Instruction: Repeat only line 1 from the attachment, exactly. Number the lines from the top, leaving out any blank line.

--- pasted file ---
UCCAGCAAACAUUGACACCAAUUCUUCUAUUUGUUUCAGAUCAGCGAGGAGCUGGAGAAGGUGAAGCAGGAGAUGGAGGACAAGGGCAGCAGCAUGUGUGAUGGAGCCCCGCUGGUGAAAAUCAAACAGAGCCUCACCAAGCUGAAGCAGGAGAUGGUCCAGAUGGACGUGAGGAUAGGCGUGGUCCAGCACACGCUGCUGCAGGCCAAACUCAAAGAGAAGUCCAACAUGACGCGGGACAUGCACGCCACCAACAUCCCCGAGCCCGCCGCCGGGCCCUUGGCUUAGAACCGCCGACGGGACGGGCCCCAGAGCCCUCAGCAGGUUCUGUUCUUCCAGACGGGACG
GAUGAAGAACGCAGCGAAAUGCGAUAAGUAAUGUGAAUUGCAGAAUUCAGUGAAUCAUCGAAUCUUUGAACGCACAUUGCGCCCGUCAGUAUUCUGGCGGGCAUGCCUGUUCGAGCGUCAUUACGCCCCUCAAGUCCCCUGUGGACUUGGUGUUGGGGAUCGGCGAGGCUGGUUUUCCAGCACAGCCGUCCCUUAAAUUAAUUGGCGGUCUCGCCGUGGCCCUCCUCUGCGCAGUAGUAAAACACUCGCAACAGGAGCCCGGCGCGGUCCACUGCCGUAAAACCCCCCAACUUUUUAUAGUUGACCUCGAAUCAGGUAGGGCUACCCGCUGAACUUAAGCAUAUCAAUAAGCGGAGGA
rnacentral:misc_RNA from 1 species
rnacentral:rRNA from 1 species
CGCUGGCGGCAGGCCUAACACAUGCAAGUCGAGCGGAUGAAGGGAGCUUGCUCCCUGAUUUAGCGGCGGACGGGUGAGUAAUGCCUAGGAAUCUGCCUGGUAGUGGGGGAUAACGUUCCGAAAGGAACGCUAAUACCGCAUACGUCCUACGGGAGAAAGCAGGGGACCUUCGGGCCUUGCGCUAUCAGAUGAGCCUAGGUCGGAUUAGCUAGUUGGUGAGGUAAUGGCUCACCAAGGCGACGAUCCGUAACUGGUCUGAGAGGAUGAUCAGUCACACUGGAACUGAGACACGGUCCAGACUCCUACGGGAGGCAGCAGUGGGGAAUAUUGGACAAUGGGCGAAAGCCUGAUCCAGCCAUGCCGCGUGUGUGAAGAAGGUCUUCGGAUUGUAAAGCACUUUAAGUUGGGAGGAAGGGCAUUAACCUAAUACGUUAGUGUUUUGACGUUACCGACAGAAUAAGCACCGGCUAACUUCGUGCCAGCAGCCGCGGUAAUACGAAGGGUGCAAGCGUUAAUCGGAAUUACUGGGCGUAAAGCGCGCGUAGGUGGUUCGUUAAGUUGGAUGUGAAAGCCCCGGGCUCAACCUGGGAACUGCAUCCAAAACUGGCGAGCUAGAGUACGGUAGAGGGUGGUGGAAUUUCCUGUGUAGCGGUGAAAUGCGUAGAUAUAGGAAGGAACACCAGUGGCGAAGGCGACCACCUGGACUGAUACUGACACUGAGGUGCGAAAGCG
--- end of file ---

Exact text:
UCCAGCAAACAUUGACACCAAUUCUUCUAUUUGUUUCAGAUCAGCGAGGAGCUGGAGAAGGUGAAGCAGGAGAUGGAGGACAAGGGCAGCAGCAUGUGUGAUGGAGCCCCGCUGGUGAAAAUCAAACAGAGCCUCACCAAGCUGAAGCAGGAGAUGGUCCAGAUGGACGUGAGGAUAGGCGUGGUCCAGCACACGCUGCUGCAGGCCAAACUCAAAGAGAAGUCCAACAUGACGCGGGACAUGCACGCCACCAACAUCCCCGAGCCCGCCGCCGGGCCCUUGGCUUAGAACCGCCGACGGGACGGGCCCCAGAGCCCUCAGCAGGUUCUGUUCUUCCAGACGGGACG